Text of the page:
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Please use this identifier to cite or link to this item: https://dspace.lboro.ac.uk/2134/8403

Title: Development of carbon fibre reinforced carbon-silicon carbide composites for advanced friction brake applications
Authors: Leatherbarrow, Andrew
Issue Date: 2011
Publisher: © Andrew Leatherbarrow
Abstract: In the present study, different origins of recycled carbon fibre and carbon are evaluated against virgin-based alternatives as cost-effective constituents inside carbon fibre/carbon-silicon carbide (Cf/C-SiC) composites. These include: recycled, end-of-life or reclaimed carbon fibre and pyrolytic carbon (pyC), which are investigated inside these composites for potential friction materials to replace or extend the life of current high-end automotive, industrial and aircraft brake discs. The literature review begins by investigating the differences and implications of the applications on the requirements of the carbon fibre inside the composite and documents past and current progress made. The constituents that comprise these composites were investigated and the manufacture routes were reported in terms of their advantages and disadvantages. A three-step process was identified as the most costeffective and promising route to manufacture these new Cf/C-SiC composites with suitably high mechanical properties: 1). Polymer infiltration (PI) and hot pressing (HP) to create a carbon fibre reinforced plastic (CFRP), 2). Pyrolysis to convert the CFRP into a porous Cf/C composite, 3). Liquid silicon infiltration (LSI) to introduce the silicon carbide (SiC) matrix. Beyond this, the aims, feasibility and current progress of recycling carbon fibres were documented. It was found that current recycling technologies are in their infancy, in both academia and industry, although great commercial potential is recognised. Investigations herein revealed the capability to mechanically recycle carbon fibres from waste carbon fibre pre-pregs and CFRP spars, re-use end-of-life carbon fibre pre-pregs and reclaim carbon fibre from existing CFRP spars using pyrolysis. Testing and analysis were split into two stages: firstly, how the pre-preg architecture changes during pyrolysis and secondly, the resulting Cf/C-SiC composites: microstructural evolution after LSI; physical, mechanical and micro-mechanical properties; frictional performance. Pyrolysis of end-of-life pre-pregs revealed no significant difference in comparison to virgin carbon fibre pre-pregs. Instead, any differences were attributed to the: fibre orientation, preform architecture and resin carbon yield. Testing revealed that end-of-life pre-pregs and reclaimed CFRP’s were suitable for pyrolysis and further processing toward Cf/C-SiC composites. In addition, the architecture could be either customised or inherited from the original. Physical and mechanical property testing revealed that Cf/C-SiC composites incorporating recycled, end-of-life and re-claimed carbon fibre could achieve comparable densities, open porosities and flexural strengths compared to similarly processed virgin Cf/C-SiC composites. Microstructural examination by optical and electron microscopy revealed that the hierarchy order of the developed microstructure inside these composites by LSI was the same irrespective of the carbon fibre or carbon format. Combined TEM and XRD investigations indicated that the generated SiC and silicon belonged to the same polytypes regardless of the carbon format and that the most likely type was facecentered cubic (FCC) β 3C-SiC and cubic silicon respectively. Small-scale dyno in a disc-on-pad configuration revealed that a Cf/C-SiC composite comprising end-of-life fibre could achieve the required mechanical strength to perform dyno testing and that the surface topography had a significant influence on the coefficient of friction (COF), COF stability and wear rate.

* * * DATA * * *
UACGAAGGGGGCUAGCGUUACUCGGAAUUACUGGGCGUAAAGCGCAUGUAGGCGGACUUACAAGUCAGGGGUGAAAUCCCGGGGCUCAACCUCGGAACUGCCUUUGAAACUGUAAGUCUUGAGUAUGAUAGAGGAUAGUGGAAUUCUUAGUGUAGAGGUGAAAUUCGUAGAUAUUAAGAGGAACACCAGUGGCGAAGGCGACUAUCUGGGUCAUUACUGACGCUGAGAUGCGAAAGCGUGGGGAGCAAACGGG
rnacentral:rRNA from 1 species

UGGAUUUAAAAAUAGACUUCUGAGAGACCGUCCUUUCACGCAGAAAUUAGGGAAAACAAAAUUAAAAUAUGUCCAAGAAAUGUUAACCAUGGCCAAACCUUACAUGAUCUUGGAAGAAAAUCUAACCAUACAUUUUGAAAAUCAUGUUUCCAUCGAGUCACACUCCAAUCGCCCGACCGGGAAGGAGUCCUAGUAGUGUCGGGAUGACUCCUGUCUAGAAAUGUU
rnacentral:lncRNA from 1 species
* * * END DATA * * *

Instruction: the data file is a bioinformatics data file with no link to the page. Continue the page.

Description: A Doctoral Thesis. Submitted in partial fulfillment of the requirements for the award of Doctor of Philosophy of Loughborough University.
URI: https://dspace.lboro.ac.uk/2134/8403
Appears in Collections:PhD Theses (Materials)

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